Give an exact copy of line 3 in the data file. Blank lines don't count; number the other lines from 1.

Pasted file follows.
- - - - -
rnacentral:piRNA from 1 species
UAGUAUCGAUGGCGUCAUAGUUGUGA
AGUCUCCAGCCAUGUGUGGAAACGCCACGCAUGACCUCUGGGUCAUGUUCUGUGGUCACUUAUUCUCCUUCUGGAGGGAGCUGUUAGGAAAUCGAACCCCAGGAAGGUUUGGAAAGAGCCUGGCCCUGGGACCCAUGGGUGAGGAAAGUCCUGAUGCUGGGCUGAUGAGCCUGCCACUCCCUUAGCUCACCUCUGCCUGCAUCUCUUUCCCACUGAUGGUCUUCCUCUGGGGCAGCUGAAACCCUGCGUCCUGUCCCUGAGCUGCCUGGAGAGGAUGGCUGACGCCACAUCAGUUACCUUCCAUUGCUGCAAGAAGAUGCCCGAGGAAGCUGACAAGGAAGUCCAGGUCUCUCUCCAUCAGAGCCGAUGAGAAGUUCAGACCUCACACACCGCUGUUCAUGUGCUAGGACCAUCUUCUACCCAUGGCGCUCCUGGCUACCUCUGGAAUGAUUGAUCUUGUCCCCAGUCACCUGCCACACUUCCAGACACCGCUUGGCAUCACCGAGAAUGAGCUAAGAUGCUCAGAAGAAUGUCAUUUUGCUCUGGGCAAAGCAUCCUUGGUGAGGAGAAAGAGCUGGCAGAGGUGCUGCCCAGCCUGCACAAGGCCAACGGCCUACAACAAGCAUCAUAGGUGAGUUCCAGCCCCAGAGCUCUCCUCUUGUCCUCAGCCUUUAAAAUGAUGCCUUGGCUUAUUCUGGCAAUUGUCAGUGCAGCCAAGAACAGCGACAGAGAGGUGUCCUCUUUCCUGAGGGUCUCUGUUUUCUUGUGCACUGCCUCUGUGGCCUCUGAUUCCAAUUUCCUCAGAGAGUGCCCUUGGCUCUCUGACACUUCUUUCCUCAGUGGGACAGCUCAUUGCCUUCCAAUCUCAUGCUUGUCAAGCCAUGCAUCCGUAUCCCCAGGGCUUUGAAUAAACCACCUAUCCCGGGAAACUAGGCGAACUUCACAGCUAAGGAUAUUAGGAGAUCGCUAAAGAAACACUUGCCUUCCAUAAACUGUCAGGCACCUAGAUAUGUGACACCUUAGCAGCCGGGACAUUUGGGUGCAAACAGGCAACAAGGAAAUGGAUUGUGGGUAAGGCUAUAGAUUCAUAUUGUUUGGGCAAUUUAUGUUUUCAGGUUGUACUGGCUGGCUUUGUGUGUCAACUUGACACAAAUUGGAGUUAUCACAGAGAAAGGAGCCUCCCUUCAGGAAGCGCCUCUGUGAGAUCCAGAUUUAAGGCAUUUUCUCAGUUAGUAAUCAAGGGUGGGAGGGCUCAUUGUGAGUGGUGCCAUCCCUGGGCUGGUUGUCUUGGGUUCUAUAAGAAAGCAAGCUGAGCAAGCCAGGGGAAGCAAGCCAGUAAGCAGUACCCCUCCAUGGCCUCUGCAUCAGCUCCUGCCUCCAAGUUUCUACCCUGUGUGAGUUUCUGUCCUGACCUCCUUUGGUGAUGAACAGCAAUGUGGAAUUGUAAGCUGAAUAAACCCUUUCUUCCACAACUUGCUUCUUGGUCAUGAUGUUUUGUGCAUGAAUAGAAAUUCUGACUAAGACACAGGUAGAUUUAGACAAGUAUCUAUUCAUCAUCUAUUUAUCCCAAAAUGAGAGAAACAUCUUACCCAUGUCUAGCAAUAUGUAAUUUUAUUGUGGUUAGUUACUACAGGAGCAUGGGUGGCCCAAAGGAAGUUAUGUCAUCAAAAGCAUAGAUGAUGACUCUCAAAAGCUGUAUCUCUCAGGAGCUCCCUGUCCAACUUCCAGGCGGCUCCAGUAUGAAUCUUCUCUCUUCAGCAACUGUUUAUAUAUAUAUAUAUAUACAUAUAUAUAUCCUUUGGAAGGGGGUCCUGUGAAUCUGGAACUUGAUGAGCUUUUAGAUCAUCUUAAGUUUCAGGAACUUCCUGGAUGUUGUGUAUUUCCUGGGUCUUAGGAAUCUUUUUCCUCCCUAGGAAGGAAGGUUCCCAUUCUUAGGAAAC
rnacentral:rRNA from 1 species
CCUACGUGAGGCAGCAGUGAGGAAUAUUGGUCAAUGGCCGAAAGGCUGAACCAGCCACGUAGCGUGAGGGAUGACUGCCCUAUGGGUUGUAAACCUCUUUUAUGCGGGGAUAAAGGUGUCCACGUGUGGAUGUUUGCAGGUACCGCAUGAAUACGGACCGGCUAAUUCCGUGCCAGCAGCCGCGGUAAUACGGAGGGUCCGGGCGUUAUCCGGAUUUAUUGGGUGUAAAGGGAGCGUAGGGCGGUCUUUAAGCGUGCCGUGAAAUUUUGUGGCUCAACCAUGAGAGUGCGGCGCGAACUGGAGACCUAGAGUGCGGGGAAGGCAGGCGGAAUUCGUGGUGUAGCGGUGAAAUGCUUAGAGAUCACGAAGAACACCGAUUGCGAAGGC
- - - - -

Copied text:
AGUCUCCAGCCAUGUGUGGAAACGCCACGCAUGACCUCUGGGUCAUGUUCUGUGGUCACUUAUUCUCCUUCUGGAGGGAGCUGUUAGGAAAUCGAACCCCAGGAAGGUUUGGAAAGAGCCUGGCCCUGGGACCCAUGGGUGAGGAAAGUCCUGAUGCUGGGCUGAUGAGCCUGCCACUCCCUUAGCUCACCUCUGCCUGCAUCUCUUUCCCACUGAUGGUCUUCCUCUGGGGCAGCUGAAACCCUGCGUCCUGUCCCUGAGCUGCCUGGAGAGGAUGGCUGACGCCACAUCAGUUACCUUCCAUUGCUGCAAGAAGAUGCCCGAGGAAGCUGACAAGGAAGUCCAGGUCUCUCUCCAUCAGAGCCGAUGAGAAGUUCAGACCUCACACACCGCUGUUCAUGUGCUAGGACCAUCUUCUACCCAUGGCGCUCCUGGCUACCUCUGGAAUGAUUGAUCUUGUCCCCAGUCACCUGCCACACUUCCAGACACCGCUUGGCAUCACCGAGAAUGAGCUAAGAUGCUCAGAAGAAUGUCAUUUUGCUCUGGGCAAAGCAUCCUUGGUGAGGAGAAAGAGCUGGCAGAGGUGCUGCCCAGCCUGCACAAGGCCAACGGCCUACAACAAGCAUCAUAGGUGAGUUCCAGCCCCAGAGCUCUCCUCUUGUCCUCAGCCUUUAAAAUGAUGCCUUGGCUUAUUCUGGCAAUUGUCAGUGCAGCCAAGAACAGCGACAGAGAGGUGUCCUCUUUCCUGAGGGUCUCUGUUUUCUUGUGCACUGCCUCUGUGGCCUCUGAUUCCAAUUUCCUCAGAGAGUGCCCUUGGCUCUCUGACACUUCUUUCCUCAGUGGGACAGCUCAUUGCCUUCCAAUCUCAUGCUUGUCAAGCCAUGCAUCCGUAUCCCCAGGGCUUUGAAUAAACCACCUAUCCCGGGAAACUAGGCGAACUUCACAGCUAAGGAUAUUAGGAGAUCGCUAAAGAAACACUUGCCUUCCAUAAACUGUCAGGCACCUAGAUAUGUGACACCUUAGCAGCCGGGACAUUUGGGUGCAAACAGGCAACAAGGAAAUGGAUUGUGGGUAAGGCUAUAGAUUCAUAUUGUUUGGGCAAUUUAUGUUUUCAGGUUGUACUGGCUGGCUUUGUGUGUCAACUUGACACAAAUUGGAGUUAUCACAGAGAAAGGAGCCUCCCUUCAGGAAGCGCCUCUGUGAGAUCCAGAUUUAAGGCAUUUUCUCAGUUAGUAAUCAAGGGUGGGAGGGCUCAUUGUGAGUGGUGCCAUCCCUGGGCUGGUUGUCUUGGGUUCUAUAAGAAAGCAAGCUGAGCAAGCCAGGGGAAGCAAGCCAGUAAGCAGUACCCCUCCAUGGCCUCUGCAUCAGCUCCUGCCUCCAAGUUUCUACCCUGUGUGAGUUUCUGUCCUGACCUCCUUUGGUGAUGAACAGCAAUGUGGAAUUGUAAGCUGAAUAAACCCUUUCUUCCACAACUUGCUUCUUGGUCAUGAUGUUUUGUGCAUGAAUAGAAAUUCUGACUAAGACACAGGUAGAUUUAGACAAGUAUCUAUUCAUCAUCUAUUUAUCCCAAAAUGAGAGAAACAUCUUACCCAUGUCUAGCAAUAUGUAAUUUUAUUGUGGUUAGUUACUACAGGAGCAUGGGUGGCCCAAAGGAAGUUAUGUCAUCAAAAGCAUAGAUGAUGACUCUCAAAAGCUGUAUCUCUCAGGAGCUCCCUGUCCAACUUCCAGGCGGCUCCAGUAUGAAUCUUCUCUCUUCAGCAACUGUUUAUAUAUAUAUAUAUAUACAUAUAUAUAUCCUUUGGAAGGGGGUCCUGUGAAUCUGGAACUUGAUGAGCUUUUAGAUCAUCUUAAGUUUCAGGAACUUCCUGGAUGUUGUGUAUUUCCUGGGUCUUAGGAAUCUUUUUCCUCCCUAGGAAGGAAGGUUCCCAUUCUUAGGAAAC